Poet's Pick April 20
Frances Ellen Watkins Harper: "Learning to Read"
Selected by Sean Hill
National Poetry Month 2015

Letter from the Editors

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Editors


Sean Hill's Poetry Month Pick, April 20, 2015

"Learning to Read"
by Frances Ellen Watkins Harper (1825 - 1911)

Very soon the Yankee teachers
            Came down and set up school;
But, oh! how the Rebs did hate it,—
            It was agin’ their rule.

Our masters always tried to hide
            Book learning from our eyes;
Knowledge didn’t agree with slavery—
            ‘Twould make us all too wise.

But some of us would try to steal
            A little from the book,
And put the words together,
            And learn by hook or crook.

I remember Uncle Caldwell,
            Who took pot-liquor fat
And greased the pages of his book,
            And hid it in his hat.

And had his master ever seen
            The leaves upon his head,
He’d have thought them greasy papers,
            But nothing to be read.

And there was Mr. Turner’s Ben,
            Who heard the children spell,
And picked the words right up by heart,
             And learned to read ‘em well.

Well, the Northern folks kept sending
            The Yankee teachers down;
And they stood right up and helped us,
            Though Rebs did sneer and frown.

And, I longed to read my Bible,
            For precious words it said;
But when I begun to learn it,
            Folks just shook their heads,

And said there is no use trying,
            Oh! Chloe, you’re too late;
But as I was rising sixty,
            I had no time to wait.

So I got a pair of glasses,
            And straight to work I went,
And never stopped till I could read
            The hymns and Testament.

Then I got a little cabin—
            A place to call my own—
And I felt as independent
            As the queen upon her throne.


  

* Sean Hill Comments:

Perhaps best known today for her novel Iola Leroy, Frances Ellen Watkins Harper, one of the most productive and popular African American authors of the nineteenth century, also published stories, essays, letters, three other novels, and several volumes of poetry.

Harper was born in Baltimore, Maryland, a slave state, on September 24, 1825 to free parents. She was orphaned at an early age and raised by her uncle, William Watkins. He was a minister, writer, and educator who ran a school where Harper received an excellent education. Harper grew up to become a renowned public figure, who toured the country lecturing first against slavery, then later for temperance, for women’s rights and other social issues. During Reconstruction Harper traveled to the South to teach freedmen and help them however she could.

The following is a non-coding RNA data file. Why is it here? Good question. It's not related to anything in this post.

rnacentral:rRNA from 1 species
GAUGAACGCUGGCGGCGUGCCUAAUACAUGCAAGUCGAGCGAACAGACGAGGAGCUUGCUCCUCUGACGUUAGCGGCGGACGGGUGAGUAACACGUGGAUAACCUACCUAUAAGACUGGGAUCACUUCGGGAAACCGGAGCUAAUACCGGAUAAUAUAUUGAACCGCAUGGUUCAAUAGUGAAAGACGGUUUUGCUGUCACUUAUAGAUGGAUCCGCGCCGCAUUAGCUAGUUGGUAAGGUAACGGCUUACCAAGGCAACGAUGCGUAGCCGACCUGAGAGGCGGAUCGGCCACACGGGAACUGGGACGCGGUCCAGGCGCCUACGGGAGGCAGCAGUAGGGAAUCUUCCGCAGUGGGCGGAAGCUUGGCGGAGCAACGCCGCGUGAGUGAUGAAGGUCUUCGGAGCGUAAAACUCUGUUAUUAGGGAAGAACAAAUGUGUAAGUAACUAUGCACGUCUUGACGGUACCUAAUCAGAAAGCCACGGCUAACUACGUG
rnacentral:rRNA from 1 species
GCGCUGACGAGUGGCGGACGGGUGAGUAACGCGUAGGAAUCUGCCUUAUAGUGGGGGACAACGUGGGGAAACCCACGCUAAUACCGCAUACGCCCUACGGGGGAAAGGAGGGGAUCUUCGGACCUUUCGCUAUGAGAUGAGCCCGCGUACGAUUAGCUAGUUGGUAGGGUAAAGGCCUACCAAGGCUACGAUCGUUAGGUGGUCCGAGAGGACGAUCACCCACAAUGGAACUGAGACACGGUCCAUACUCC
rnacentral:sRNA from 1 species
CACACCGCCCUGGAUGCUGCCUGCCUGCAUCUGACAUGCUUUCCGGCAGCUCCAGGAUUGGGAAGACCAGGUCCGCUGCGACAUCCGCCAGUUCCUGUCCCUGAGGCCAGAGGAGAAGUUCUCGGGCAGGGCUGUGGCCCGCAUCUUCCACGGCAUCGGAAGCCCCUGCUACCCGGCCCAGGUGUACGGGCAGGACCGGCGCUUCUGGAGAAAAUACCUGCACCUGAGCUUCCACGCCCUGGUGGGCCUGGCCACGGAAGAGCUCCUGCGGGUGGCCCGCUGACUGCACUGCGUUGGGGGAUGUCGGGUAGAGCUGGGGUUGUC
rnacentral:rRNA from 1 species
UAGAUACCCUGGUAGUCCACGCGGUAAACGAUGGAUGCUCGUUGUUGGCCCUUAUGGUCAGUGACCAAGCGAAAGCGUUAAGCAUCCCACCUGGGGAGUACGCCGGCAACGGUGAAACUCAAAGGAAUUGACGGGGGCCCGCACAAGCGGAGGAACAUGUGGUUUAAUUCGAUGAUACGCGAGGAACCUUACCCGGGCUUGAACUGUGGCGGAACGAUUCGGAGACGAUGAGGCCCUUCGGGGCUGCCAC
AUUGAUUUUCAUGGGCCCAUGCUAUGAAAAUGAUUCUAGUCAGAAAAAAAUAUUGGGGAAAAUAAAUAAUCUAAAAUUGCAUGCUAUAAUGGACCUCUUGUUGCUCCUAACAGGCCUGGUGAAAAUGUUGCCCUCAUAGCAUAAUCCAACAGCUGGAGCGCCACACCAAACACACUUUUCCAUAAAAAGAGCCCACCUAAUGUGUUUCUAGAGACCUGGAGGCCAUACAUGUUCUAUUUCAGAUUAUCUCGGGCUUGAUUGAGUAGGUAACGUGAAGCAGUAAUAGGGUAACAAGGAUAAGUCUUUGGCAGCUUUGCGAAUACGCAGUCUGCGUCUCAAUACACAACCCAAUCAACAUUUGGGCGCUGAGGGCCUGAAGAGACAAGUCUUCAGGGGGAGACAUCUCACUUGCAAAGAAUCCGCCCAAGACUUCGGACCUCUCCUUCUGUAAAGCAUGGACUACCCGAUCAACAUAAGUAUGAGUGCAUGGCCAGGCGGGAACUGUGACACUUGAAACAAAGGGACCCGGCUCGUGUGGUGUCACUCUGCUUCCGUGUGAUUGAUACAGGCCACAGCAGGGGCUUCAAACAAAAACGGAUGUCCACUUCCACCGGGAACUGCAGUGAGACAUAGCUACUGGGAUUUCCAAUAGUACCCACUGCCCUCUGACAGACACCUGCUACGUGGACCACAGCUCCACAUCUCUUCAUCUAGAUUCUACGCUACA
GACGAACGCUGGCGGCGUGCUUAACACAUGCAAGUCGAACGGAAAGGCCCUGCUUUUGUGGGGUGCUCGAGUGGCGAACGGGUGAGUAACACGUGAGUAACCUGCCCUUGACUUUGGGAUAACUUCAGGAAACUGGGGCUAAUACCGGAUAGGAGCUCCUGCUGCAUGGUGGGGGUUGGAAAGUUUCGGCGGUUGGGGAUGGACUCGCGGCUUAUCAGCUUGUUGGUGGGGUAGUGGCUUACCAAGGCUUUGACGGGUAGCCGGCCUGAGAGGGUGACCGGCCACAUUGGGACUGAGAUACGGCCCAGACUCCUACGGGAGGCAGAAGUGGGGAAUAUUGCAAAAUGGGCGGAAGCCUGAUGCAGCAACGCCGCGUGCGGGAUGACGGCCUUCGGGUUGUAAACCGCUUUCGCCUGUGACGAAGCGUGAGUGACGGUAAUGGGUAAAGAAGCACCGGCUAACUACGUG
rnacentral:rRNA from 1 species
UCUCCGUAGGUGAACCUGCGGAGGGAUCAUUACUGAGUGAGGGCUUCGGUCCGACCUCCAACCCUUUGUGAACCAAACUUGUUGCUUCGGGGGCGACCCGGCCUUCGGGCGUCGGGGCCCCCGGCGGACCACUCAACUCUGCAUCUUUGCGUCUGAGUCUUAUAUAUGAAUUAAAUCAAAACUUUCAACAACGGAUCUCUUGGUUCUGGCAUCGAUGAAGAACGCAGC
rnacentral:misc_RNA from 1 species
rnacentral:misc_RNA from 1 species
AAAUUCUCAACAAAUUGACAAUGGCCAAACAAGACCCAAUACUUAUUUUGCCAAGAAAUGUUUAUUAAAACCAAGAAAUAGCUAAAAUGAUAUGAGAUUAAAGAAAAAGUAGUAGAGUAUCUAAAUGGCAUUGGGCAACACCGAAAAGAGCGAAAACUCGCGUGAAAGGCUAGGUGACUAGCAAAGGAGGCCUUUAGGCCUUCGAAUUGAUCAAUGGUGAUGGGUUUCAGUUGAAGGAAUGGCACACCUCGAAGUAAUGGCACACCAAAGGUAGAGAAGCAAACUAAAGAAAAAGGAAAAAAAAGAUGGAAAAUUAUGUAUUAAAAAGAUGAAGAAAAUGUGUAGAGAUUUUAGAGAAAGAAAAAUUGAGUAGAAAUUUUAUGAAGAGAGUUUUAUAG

The poem “Learning to Read” appears in her important 1872 collection Sketches of Southern Life, in which she captures Reconstruction in the South. At the core of this collection are six persona poems written in the voice of Aunt Chloe, a freedman. It is because of these poems that I think of Frances Ellen Watkins Harper as one of my literary ancestors. For Harper, this was a contemporary Southern voice speaking to the recent history of slavery and the realities of Reconstruction. In “Learning to Read” Aunt Chloe talks about literacy and its power:

            Our masters always tried to hide
                        Book learning from our eyes;
            Knowledge didn’t agree with slavery—
                        ‘Twould make us all too wise.

The poem captures a historical moment; Aunt Chloe is remembering her past and speaking about her present and looking to the future. I’ve found the way Harper deftly manages the vernacular and the rhyme here instructive. Aunt Chloe’s voice is very much like the vernacular of the older generation of folks I grew up around in Georgia and return to in my own poetry when I attempt to explore and revivify these kinds of historical moments.


About Sean Hill:
Sean Hill is the author of Dangerous Goods (Milkweed Editions), and Blood Ties & Brown Liquor, (University of Georgia Press). His poems have appeared or are forthcoming in Ploughshares, Harvard Review, Pleiades, DIAGRAM, Poetry, The Oxford American, Tin House, and other journals, and in anthologies including Black Nature: Four Centuries of African American Nature Poetry. Hill has received scholarships, fellowships, and grants from Cave Canem, the MacDowell Colony, Bread Loaf Writers' Conference, and Stanford University's Wallace Stegner program, among others. He makes his home in Bemidji, Minnesota, but is currently a visiting professor in the English Department at University of Alaska-Fairbanks. His website is at www.seanhillpoetry.com.


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